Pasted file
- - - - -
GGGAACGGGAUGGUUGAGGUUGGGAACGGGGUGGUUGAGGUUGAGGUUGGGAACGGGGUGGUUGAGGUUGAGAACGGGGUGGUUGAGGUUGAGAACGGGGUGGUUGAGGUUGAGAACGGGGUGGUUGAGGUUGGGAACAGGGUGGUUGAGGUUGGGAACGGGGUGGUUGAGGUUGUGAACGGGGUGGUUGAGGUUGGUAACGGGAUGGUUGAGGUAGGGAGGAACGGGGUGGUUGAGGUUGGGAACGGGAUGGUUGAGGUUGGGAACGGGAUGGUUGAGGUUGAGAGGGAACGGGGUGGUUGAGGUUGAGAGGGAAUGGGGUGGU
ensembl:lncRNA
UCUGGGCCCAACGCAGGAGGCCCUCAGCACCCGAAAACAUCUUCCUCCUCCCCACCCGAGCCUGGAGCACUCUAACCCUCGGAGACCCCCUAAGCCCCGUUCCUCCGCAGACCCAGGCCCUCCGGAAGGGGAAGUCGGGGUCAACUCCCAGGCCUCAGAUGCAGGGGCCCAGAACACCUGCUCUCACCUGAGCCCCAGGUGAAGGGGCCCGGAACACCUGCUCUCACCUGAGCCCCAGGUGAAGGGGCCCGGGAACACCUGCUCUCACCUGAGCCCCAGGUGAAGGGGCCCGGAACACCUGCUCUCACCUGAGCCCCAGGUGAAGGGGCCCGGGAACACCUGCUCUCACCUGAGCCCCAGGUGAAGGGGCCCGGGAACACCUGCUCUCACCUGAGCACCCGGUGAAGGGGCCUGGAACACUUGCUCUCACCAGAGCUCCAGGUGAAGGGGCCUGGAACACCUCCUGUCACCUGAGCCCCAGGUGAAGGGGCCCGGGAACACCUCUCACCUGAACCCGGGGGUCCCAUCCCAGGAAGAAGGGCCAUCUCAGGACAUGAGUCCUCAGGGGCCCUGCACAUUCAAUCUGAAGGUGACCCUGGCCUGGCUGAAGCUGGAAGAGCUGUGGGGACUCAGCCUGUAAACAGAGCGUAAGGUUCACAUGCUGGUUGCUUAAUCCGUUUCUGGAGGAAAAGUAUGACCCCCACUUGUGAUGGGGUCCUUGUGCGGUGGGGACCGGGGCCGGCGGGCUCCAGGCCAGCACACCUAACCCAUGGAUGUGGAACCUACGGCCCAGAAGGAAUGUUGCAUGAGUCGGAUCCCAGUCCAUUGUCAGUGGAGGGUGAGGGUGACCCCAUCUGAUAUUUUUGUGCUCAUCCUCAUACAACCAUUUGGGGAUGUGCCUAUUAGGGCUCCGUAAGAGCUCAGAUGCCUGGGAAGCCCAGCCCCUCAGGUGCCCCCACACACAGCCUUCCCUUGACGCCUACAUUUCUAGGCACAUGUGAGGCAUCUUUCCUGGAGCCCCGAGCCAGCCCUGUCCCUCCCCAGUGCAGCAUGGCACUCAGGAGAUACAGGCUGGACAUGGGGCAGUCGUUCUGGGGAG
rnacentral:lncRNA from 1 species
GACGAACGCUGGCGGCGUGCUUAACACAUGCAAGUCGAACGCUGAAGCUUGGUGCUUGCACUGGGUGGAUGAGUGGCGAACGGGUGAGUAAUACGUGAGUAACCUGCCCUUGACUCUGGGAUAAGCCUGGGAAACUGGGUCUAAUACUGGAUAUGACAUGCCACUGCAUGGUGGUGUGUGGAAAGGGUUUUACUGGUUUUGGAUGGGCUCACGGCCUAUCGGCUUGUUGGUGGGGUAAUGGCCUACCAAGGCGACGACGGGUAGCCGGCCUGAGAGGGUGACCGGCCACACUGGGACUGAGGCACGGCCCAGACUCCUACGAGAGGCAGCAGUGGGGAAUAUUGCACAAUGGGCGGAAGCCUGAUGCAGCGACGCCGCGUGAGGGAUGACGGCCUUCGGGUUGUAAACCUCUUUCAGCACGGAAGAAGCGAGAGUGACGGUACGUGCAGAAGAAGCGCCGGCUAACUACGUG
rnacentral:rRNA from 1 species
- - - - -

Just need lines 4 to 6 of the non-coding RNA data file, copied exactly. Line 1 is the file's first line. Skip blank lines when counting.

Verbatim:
rnacentral:lncRNA from 1 species
GACGAACGCUGGCGGCGUGCUUAACACAUGCAAGUCGAACGCUGAAGCUUGGUGCUUGCACUGGGUGGAUGAGUGGCGAACGGGUGAGUAAUACGUGAGUAACCUGCCCUUGACUCUGGGAUAAGCCUGGGAAACUGGGUCUAAUACUGGAUAUGACAUGCCACUGCAUGGUGGUGUGUGGAAAGGGUUUUACUGGUUUUGGAUGGGCUCACGGCCUAUCGGCUUGUUGGUGGGGUAAUGGCCUACCAAGGCGACGACGGGUAGCCGGCCUGAGAGGGUGACCGGCCACACUGGGACUGAGGCACGGCCCAGACUCCUACGAGAGGCAGCAGUGGGGAAUAUUGCACAAUGGGCGGAAGCCUGAUGCAGCGACGCCGCGUGAGGGAUGACGGCCUUCGGGUUGUAAACCUCUUUCAGCACGGAAGAAGCGAGAGUGACGGUACGUGCAGAAGAAGCGCCGGCUAACUACGUG
rnacentral:rRNA from 1 species